Tyler often reminds me that we always find a place to sleep. No matter what circumstances present themselves during our day, we have and always will find a place to camp. I held that comforting thought in mind this morning as we packed and left the place where we'd cozily, reliably and safely free-camped three nights in a row in favor of the unknown and a new adventure!
Once packed, we bid Cremona farewell and swiftly cycled along deserted country roads and gravel cycle paths through the pancake-flat Po river valley. Once again the scenery reminded me of home in Illinois; save for the large Italian estates we passed along the way, it was fields of corn as far as the eye could see.
Our first destination of the day was Sabonieta, a perfectly preserved Renaissance town. As we arrived we were fairly underwhelmed by the small grid of streets, shops and buildings that looked for the most part exactly the same as any other small Italian town. I think we are starting to take for granted that nearly every structure we see is likely hundreds of years old! After quickly cycling around the city we decided to leave for Reggio Emilia.
On the way out we stopped in the shade of the wall surrounding Sabonieta and opened our food panniers for lunch. While talking about how the city gates were the only thing that seemed remotely like the Renaissance to us, we shared bread, cheese, and Salami di Milano before continuing out of town and heading southeast.
Suddenly on the horizon, a watermelon patch appeared out of a haze of corn and beckoned us like a welcoming desert oasis. Tyler "liberated" one straggling melon and we rode off quickly feeling like hardened criminals, the warm, round fruit bulging under my rear bungee nets. When it slipped out and busted open on the pavement a kilometer later, we gathered up our cracked bounty and devoured it in the shade by the side of the road.
Around three o'clock we stopped for gelato and talked about what we wanted to do. I felt tired which seemed strange, since it was so early and the roads were so flat. We decided to head back a kilometer or so to the river Po (which we wouldn't meet up with again for another 20 kilometers) and find a free-camp. As we took to the cycle path, I again had to remind myself that we always find a place to sleep.
Little did I know what accommodations would lie just around the corner! We saw it from a distance, it's many flags flying high in the air. It looked like a private beach featuring a Lost-type hut made of driftwood. We tentatively approached and asked the (some nude) sunbathing women what the place was. "It's for everybody!" one of the women said. "It's where you can be FREE!" Cool. Sounded good to us!
We wheeled our bikes through the sand and explored the hand-made play land called Re del Po. When we found someone's sandals lying around, a battery-powered lantern gracing the ceiling, a cooler built into the sand, and a small coffeepot on a shelf, we went to talk to the women again. "Does someone live here?" we asked. She assured us no one did and told us we could spend the night.
The woman we talked to turned out to be Anna, the sister of the man who built the place. When her brother Georgio arrived minutes later, he sat us down and told us all about building Re del Po so that his nieces and nephews could be closer to nature. For all the talk of this being a place for kids to hang out, we were the youngest people around by a good thirty years.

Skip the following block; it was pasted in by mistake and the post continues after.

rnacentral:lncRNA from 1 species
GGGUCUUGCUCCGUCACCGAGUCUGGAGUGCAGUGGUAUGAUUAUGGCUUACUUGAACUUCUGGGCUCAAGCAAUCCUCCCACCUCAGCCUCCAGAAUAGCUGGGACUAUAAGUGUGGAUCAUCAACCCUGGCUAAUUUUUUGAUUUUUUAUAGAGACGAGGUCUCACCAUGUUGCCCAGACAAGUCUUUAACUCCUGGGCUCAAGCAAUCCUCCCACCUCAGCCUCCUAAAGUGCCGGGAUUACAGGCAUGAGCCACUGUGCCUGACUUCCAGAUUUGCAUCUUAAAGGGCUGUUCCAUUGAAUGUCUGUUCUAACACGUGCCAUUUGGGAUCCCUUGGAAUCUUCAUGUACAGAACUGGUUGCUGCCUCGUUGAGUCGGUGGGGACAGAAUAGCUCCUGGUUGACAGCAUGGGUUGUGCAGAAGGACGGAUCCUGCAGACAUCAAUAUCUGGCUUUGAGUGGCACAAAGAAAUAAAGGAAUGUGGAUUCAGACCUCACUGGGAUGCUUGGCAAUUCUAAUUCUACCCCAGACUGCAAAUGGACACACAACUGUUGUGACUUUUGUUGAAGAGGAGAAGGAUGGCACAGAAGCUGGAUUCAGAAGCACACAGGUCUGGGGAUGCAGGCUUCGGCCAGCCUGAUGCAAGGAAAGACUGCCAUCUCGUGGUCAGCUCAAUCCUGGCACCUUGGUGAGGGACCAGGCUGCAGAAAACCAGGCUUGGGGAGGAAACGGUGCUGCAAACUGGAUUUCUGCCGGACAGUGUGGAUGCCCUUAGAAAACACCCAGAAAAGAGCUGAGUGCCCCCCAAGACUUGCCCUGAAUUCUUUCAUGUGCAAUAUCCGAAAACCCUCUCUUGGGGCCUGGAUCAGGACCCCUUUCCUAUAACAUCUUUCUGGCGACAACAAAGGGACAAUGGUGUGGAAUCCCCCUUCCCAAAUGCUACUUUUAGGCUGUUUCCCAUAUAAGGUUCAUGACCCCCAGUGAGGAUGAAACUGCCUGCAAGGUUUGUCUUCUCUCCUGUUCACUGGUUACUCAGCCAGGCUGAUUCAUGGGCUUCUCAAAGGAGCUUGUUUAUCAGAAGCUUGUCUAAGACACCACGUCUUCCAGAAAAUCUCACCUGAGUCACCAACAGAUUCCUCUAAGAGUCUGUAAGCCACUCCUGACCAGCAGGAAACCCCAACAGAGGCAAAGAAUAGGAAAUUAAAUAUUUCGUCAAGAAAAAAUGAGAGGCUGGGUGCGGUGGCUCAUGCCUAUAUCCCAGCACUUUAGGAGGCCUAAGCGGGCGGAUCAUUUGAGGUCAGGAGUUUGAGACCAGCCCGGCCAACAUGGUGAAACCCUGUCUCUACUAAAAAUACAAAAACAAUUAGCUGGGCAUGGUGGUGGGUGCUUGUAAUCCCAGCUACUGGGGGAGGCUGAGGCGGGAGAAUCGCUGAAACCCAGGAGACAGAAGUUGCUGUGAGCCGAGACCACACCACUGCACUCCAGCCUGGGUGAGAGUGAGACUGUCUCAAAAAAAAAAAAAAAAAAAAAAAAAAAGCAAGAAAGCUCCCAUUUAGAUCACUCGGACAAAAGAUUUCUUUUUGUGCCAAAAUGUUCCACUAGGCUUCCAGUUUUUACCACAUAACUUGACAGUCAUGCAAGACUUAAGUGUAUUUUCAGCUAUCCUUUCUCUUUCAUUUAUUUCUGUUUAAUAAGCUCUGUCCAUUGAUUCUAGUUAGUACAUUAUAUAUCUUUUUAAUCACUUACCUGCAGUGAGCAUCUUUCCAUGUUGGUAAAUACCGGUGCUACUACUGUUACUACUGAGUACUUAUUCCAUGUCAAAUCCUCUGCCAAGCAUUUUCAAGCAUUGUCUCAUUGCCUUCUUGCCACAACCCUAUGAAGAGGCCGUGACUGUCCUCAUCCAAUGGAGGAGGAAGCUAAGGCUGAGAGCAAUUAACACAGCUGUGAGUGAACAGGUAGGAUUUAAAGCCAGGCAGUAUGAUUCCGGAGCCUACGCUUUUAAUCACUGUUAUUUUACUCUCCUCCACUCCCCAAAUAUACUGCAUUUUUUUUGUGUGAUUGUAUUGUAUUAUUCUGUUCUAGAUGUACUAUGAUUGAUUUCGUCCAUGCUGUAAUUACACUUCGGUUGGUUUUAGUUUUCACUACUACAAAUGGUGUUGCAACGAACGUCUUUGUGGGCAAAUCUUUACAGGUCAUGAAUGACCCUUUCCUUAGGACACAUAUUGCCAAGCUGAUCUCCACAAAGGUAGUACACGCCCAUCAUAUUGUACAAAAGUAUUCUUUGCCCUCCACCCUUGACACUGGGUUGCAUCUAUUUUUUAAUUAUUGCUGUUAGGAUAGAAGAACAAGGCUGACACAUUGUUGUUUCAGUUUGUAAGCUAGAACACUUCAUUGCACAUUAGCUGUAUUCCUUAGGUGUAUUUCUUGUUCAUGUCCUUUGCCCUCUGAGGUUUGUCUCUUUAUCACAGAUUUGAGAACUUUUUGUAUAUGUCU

For half an hour Georgio talked at us in Italian, expressively using his hands the entire time. We learned a lot about him via bits and pieces gathered from his rapid-fire speech, from his love of the hundreds of women he apparently seduces with his poetry ("I am Don Giovanni!"), to his secret of being a very healthy, virile, tanned and energetic 65-year-old which he proved by doing pull-ups on one of the driftwood beams. The secret to life and to his energy, he said, came from nature, from Re del Po. Assuring us that if we ever felt down we need only remember him and the boundless positive energy he would be sending our way, he suddenly hopped up from the table and left to go talk to his other sister sunbathing further out on the sandbar.
No sooner had we taken a breath (a relieving break from the difficulties of understanding Georgio's unrelenting Italian) than his brother appeared. After quickly changing into a speedo he began talking to/at us as well. Oy vey. He was even more enthusiastic than Georgio, taking us by the arms and leading us around on an hour-long exhaustive tour detailing every nook and cranny of Re del Po.
He showed us each driftwood sculpture, climbed up a tree to show us all "5" stories of Re del Po, and when we were unable to politely turn him down, had Tyler and I play the many games, from throwing tennis balls at an array of colorfully-painted cans and bottles (each one with a different point value), to a tether-ball type game we could never quite figure out.
Eventually we managed to escape the speedoed, nonstop Italian-speaking brother when he decided to go for a paddle in the river. Alone once again, we enjoyed the peace and quiet as we slowly prepared dinner. After setting up our tent we watched the sun fall beneath the horizon over Re del Po and meandered out to the river for a moonlit bath. As we settled in for the night we talked about how we both felt a little dazed, almost in shock by what had just occurred. Nevertheless, once again we have a safe place to sleep and another story to tell!
Gelato flavors of the day:
Tara: Pink Grapefruit, Coconut, Yogurt with Blueberries
Tyler: Strawberry, Lemon, Chocolate